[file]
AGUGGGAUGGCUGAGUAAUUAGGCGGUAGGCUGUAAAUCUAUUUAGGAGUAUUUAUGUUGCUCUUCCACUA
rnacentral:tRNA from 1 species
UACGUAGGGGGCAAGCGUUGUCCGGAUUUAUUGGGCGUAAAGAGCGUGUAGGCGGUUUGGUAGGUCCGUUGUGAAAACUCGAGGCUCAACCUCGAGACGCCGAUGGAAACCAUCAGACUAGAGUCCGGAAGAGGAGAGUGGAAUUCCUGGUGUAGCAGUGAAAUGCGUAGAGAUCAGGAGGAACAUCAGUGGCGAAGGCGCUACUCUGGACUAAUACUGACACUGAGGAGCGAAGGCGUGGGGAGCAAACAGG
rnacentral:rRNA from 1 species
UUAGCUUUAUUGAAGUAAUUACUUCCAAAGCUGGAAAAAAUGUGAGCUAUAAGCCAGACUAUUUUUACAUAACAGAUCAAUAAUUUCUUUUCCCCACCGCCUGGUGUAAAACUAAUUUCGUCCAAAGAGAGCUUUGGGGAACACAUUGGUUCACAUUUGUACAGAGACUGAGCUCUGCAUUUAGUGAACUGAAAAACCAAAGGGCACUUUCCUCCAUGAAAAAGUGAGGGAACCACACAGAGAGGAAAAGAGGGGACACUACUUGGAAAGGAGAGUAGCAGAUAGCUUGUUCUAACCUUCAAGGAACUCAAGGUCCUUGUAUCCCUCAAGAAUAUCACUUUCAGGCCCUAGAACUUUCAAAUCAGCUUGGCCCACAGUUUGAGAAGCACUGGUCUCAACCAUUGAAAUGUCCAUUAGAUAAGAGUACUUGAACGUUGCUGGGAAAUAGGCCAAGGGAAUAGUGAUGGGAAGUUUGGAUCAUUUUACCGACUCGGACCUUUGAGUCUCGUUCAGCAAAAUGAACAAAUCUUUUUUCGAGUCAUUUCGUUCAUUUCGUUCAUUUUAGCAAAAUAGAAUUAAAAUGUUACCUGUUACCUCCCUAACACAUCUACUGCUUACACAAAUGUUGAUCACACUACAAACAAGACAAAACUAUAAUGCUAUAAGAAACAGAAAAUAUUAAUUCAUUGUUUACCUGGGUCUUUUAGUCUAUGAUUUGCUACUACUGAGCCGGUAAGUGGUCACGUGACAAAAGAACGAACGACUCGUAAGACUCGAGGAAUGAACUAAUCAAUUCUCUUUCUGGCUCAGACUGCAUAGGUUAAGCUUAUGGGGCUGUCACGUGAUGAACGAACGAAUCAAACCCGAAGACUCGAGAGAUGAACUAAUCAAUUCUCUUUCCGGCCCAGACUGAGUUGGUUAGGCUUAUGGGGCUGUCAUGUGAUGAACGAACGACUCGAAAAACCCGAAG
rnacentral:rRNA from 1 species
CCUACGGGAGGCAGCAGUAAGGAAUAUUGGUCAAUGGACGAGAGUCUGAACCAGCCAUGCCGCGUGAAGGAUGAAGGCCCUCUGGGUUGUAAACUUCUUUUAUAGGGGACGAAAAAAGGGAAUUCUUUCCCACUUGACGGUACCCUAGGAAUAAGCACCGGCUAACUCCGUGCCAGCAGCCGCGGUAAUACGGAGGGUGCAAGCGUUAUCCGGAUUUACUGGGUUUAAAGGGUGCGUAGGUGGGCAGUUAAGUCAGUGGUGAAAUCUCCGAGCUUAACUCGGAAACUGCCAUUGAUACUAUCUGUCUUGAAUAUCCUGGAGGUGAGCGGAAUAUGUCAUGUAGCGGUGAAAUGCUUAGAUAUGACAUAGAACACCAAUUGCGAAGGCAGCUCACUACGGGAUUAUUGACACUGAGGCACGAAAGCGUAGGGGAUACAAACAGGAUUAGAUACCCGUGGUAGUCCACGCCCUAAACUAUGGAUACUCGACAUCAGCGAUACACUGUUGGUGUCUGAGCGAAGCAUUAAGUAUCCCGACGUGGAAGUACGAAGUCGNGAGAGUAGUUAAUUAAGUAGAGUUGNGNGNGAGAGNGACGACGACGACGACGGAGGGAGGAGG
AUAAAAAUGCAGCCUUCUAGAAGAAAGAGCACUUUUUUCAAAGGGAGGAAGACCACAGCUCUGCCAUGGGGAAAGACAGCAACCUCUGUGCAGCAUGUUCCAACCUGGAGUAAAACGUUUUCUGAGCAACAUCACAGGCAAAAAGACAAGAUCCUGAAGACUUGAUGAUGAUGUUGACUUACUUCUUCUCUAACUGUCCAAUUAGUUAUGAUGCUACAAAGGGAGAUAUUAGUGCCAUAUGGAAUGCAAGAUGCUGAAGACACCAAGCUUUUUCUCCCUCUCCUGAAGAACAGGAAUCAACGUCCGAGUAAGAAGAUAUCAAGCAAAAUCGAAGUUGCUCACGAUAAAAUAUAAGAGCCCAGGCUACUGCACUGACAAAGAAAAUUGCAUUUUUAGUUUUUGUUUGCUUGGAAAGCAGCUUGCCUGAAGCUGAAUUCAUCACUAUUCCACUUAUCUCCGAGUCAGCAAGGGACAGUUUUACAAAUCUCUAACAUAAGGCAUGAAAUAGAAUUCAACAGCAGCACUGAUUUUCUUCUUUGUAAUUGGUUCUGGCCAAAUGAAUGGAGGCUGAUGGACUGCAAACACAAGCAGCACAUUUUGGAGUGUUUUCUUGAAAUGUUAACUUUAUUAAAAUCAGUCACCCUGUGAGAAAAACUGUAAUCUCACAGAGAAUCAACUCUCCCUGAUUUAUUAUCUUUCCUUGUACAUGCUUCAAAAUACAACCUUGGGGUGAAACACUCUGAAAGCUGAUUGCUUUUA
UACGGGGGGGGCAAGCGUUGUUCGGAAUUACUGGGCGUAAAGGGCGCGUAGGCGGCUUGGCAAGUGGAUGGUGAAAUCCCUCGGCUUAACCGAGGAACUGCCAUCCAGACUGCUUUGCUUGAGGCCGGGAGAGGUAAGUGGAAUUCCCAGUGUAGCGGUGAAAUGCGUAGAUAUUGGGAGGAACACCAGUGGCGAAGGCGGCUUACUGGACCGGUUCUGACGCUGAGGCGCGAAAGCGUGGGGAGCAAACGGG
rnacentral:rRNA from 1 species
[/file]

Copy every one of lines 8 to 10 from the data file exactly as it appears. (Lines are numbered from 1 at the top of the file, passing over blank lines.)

AUAAAAAUGCAGCCUUCUAGAAGAAAGAGCACUUUUUUCAAAGGGAGGAAGACCACAGCUCUGCCAUGGGGAAAGACAGCAACCUCUGUGCAGCAUGUUCCAACCUGGAGUAAAACGUUUUCUGAGCAACAUCACAGGCAAAAAGACAAGAUCCUGAAGACUUGAUGAUGAUGUUGACUUACUUCUUCUCUAACUGUCCAAUUAGUUAUGAUGCUACAAAGGGAGAUAUUAGUGCCAUAUGGAAUGCAAGAUGCUGAAGACACCAAGCUUUUUCUCCCUCUCCUGAAGAACAGGAAUCAACGUCCGAGUAAGAAGAUAUCAAGCAAAAUCGAAGUUGCUCACGAUAAAAUAUAAGAGCCCAGGCUACUGCACUGACAAAGAAAAUUGCAUUUUUAGUUUUUGUUUGCUUGGAAAGCAGCUUGCCUGAAGCUGAAUUCAUCACUAUUCCACUUAUCUCCGAGUCAGCAAGGGACAGUUUUACAAAUCUCUAACAUAAGGCAUGAAAUAGAAUUCAACAGCAGCACUGAUUUUCUUCUUUGUAAUUGGUUCUGGCCAAAUGAAUGGAGGCUGAUGGACUGCAAACACAAGCAGCACAUUUUGGAGUGUUUUCUUGAAAUGUUAACUUUAUUAAAAUCAGUCACCCUGUGAGAAAAACUGUAAUCUCACAGAGAAUCAACUCUCCCUGAUUUAUUAUCUUUCCUUGUACAUGCUUCAAAAUACAACCUUGGGGUGAAACACUCUGAAAGCUGAUUGCUUUUA
UACGGGGGGGGCAAGCGUUGUUCGGAAUUACUGGGCGUAAAGGGCGCGUAGGCGGCUUGGCAAGUGGAUGGUGAAAUCCCUCGGCUUAACCGAGGAACUGCCAUCCAGACUGCUUUGCUUGAGGCCGGGAGAGGUAAGUGGAAUUCCCAGUGUAGCGGUGAAAUGCGUAGAUAUUGGGAGGAACACCAGUGGCGAAGGCGGCUUACUGGACCGGUUCUGACGCUGAGGCGCGAAAGCGUGGGGAGCAAACGGG
rnacentral:rRNA from 1 species